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The connection between the camera obscura space and the uncanny has been prevalent since the inception of the medium. The earliest experiments used terminology such as miraculous, marvellous and magical. The transmutational state where light, the fleeting trace of life, could be codified into image-icon still has echoes of the marvellous even in the twenty-first century. Kircher’s projections of devils with his magic lantern equipment, Fausten’s manifestations, and ‘spirits’ walking in the air in public demonstrations of the camera obscura – all form part of a history of associations through to the photographic period with its ghosts, soul stealing and evidential structures. The photographic space is still accredited with the ability to ‘see’ where the human eye cannot and photographic related technologies that ‘see’ wavelengths of light invisible to the human eye serve to confirm the notion that it is still feasible in the dark chamber of the camera obscura to capture a ghost through the lens. Here the physical universe is transmutated like lead into gold to become a re-enchanted and numinous space.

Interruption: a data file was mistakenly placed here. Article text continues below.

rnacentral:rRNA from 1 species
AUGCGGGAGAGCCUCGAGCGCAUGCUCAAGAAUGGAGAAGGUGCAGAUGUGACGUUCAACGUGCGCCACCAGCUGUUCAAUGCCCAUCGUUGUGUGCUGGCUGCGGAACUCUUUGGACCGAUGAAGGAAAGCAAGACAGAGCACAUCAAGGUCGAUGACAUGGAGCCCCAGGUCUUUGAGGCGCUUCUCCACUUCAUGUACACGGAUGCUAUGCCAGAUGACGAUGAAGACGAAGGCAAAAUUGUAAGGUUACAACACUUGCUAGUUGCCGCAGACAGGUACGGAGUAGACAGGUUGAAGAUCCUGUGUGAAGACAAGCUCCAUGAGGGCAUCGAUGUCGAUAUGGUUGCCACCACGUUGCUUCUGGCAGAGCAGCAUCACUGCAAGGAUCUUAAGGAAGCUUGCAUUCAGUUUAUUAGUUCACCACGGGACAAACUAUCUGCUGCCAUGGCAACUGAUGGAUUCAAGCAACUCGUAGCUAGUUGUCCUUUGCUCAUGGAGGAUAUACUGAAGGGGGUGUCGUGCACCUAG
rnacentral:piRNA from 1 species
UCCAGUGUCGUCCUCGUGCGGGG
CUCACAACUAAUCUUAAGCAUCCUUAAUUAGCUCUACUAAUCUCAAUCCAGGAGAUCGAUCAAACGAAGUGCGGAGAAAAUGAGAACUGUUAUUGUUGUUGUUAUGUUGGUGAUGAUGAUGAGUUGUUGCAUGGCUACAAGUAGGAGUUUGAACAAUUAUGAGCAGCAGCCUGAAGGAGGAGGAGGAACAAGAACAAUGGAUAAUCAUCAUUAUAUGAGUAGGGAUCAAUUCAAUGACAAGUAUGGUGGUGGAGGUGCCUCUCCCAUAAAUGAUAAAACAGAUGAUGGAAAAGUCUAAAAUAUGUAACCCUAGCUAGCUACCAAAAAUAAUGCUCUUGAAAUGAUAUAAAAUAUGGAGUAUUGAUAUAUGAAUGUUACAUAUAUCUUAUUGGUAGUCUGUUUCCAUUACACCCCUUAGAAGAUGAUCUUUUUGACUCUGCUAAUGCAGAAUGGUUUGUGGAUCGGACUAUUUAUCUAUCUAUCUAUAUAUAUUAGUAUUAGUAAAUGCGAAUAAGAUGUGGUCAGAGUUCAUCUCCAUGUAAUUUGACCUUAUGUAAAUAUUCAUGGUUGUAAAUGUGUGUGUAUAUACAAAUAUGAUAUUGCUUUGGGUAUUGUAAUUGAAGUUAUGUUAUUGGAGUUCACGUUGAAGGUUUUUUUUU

|Title of host publication||Esotericism, Art, and Imagination|
|Editors||Arthur Versluis, Lee Irwin, John Richards, Melinda Weinstein|
|Place of Publication||East Lansing, Michigan|
|Publisher||University of Michigan Press|
|Number of pages||16|
|ISBN (Print)||9780870138195, 0870138197|
|Publication status||Published - 01 Jul 2008|
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Shadows from Atlantis: Photography, Pagans and Nazis.
Christopher Webster (Speaker)16 Jun 2016
Activity: Talk or presentation › Oral presentation
European Society for Study of Western Esotericism (External organisation)
Christopher Webster (Member)2009 → …
Activity: Membership › Member of professional society